[Pharo-project] [squeak-dev] Re: Menu Registries

Hannes Hirzel hannes.hirzel at gmail.com
Wed Apr 28 17:21:13 UTC 2010

Hello Stephane

On the Squeaklist there was a discussion ongoing since Monday how to
use to use pragmas in an extended way.

We agreed that they are in fact method annotations or method
properties which may be used for various purposes.

The name 'pragma' evocates compiler only related things which is true
but it is not limited to that.

Andreas had a good writeup in his blog (WORTHHILE READING)

'Annotations for Service Discovery'

So we want to go for pragmas (=method annotations = method properties)
to implement the discovery mechanism for populating the menus.

My question was: Why not do it like the Pharo people did?

Andreas' answer is copied in below. I.e. we want to learn from the
Pharo experience.


On 4/27/2010 12:00 PM, Nicolas Cellier wrote:

    2010/4/27 Hannes Hirzel<hannes.hirzel at gmail.com>:

        What are the reasons for not going for the Pharo solution?

    Andreas just put it nicely.
    There is a different philosophy, and that is important to discuss
    first, and weight pros and cons.
    The difference is that package maintainers should care of system
    evolutions in Pharo, but won't care of building details anymore in
    Of course, this is at the price of restricting functionalities.

Indeed. But I consider that a Good Thing (tm). It means that we only
need to support what we explicitly agree on. One important thing to
keep in mind is that my take on annotations for service discovery is
not a "strict" requirement - for example you *can* use Preferences
directly if you need to do something unusual that isn't covered by the
simple preference annotation. You're simply losing the implied
contract with the community to keep your stuff running without your
own help (which is current practice). By voluntarily restricting
yourself to use the annotation we can support your work going forward,
but if you need more, please go ahead.

This is also why in the menu discussion the argument about "but you
need every possible permutation of menu creation" is simply a false
assertion. We don't. We can restrict ourselves to the subset that we
want to support. We then support it. If you need something that is not
part of the supported subset you have to modify the menu directly.
Can't be helped, because we don't support it.

We're doing this for preferences now (exactly one preference
annotation and not every conceivable permutation) and from what I see
it works great. I have no doubt that we will be able to support this
for many, many years because it's so simple. KISS, in short.

But the most important question to ask ourselves is: What problem are
we trying to solve here? If the problem is exclusively about
extensibility, then the Pharo solution would work fine. If it is about
making this so that people don't have to play catch-up every time
something changes, I think you'll find that the Pharo approach has
difficulties in this regard for reasons explained in my blog post at
[1] (new with fixed code font! :-)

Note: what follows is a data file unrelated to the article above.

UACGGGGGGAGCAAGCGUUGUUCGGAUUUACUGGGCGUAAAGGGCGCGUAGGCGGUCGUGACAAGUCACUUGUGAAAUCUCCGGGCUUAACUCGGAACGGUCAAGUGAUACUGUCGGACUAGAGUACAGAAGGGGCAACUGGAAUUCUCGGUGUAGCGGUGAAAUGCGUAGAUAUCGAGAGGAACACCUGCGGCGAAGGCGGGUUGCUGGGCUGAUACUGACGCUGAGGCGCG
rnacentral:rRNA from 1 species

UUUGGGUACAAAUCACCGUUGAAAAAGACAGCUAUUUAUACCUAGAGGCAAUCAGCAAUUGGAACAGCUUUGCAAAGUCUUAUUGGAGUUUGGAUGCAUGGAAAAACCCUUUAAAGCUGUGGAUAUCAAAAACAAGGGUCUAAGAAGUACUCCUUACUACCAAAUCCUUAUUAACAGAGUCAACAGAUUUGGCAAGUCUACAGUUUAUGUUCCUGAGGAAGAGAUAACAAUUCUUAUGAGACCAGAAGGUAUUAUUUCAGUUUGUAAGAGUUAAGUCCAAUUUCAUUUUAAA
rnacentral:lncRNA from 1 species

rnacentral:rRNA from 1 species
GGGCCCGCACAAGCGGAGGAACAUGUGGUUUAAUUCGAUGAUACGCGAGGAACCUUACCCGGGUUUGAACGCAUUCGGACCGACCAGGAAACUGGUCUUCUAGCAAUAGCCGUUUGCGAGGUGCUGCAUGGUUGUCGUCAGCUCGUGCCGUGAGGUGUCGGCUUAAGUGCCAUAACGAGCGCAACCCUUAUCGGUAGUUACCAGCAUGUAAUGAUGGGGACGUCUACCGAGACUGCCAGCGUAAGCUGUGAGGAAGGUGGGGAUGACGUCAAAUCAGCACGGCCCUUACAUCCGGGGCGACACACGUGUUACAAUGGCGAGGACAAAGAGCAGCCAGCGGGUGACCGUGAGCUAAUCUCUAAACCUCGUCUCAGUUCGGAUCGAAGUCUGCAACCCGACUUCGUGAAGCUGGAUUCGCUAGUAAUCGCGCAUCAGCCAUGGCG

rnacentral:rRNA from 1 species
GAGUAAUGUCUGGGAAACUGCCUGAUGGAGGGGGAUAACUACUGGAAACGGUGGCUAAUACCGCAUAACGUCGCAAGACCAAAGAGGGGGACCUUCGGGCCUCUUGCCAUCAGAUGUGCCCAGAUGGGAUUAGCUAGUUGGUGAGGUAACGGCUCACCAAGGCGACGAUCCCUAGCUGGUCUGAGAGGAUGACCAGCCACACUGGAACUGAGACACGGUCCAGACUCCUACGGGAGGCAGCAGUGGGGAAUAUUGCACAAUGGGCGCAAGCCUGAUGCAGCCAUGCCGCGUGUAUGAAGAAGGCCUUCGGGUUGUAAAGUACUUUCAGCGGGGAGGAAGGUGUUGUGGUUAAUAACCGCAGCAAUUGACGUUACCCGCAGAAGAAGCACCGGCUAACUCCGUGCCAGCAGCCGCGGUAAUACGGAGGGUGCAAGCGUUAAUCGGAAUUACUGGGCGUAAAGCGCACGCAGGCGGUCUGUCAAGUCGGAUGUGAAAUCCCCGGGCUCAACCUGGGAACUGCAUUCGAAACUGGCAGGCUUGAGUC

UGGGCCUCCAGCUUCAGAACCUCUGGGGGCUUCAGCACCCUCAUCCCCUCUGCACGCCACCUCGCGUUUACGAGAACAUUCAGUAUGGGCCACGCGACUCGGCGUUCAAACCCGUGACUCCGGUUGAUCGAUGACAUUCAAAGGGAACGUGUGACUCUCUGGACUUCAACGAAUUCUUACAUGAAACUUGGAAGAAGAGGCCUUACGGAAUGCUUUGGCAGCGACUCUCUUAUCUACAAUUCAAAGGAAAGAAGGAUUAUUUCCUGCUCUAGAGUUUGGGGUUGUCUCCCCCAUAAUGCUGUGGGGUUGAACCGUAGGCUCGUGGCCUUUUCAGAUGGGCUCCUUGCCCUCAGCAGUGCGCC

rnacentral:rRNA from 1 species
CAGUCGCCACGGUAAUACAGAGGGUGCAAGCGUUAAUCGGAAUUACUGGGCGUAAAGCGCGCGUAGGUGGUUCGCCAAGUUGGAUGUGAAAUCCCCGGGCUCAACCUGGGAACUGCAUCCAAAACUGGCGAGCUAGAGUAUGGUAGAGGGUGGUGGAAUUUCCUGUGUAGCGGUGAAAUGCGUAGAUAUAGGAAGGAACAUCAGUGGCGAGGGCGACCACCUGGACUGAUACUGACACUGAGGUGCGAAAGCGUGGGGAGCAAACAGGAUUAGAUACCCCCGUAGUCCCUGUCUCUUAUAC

I find the evolution of Pharo fascinating in this regard. First, there
was the desire to provide extensibility and loose coupling, so the
systemsettings annotation with builders were introduced. Then it was
probably considered too much bloat to keep all of this unused code in
the core classes, to the "Settings" package was created (I have no
reference for why the Settings package was created, if anyone has a
pointer I'd appreciate that). So now all the preferences builder code
has been removed from the places where the preferences are and into a
separate package. At this point you're not only maintaining the
entities in two different places (the domain code and the settings
package), you also loose the last reason for using annotations. There
is no good reason why Settings shouldn't depend on the builder
framework - after all it's a separate package, and it makes no sense
to even load it if you don't have the builder. And having the class
initializer register the preference is more obvious than having some
'magic' discovery under the hoods. It might be "cool" but it addresses
no discernible problem.

In short, if you're willing to split your code into domain and
settings packages you might as well declare the dependency of your
settings package on the settings framework. That's a perfectly legit
way of dealing with the specific dependencies, but at that point the
use of annotations becomes pointless.


 - Andreas

On 4/28/10, Stéphane Ducasse <stephane.ducasse at inria.fr> wrote:
> Hi brent
> On Apr 28, 2010, at 5:47 PM, Brent Pinkney wrote:
>> Hi all,+
>> Could those in the know comment on how this <...> proposal is (or is not)
>> consistent with the fundamental Smalltalk principles
> Sorry but I do not have the time to read squeak-dev.  so what is <...>  the
> use of pragmas?
> Or is there something else?
>> that:
>> 1. "an object is send a message and responds with an object"
>> 2. there is no other "magic" in the system.
>> Are we proposing a break fromv this ? If so, IMO we need to really get it
>> right before we commit.
>> Thanks
>> Brent

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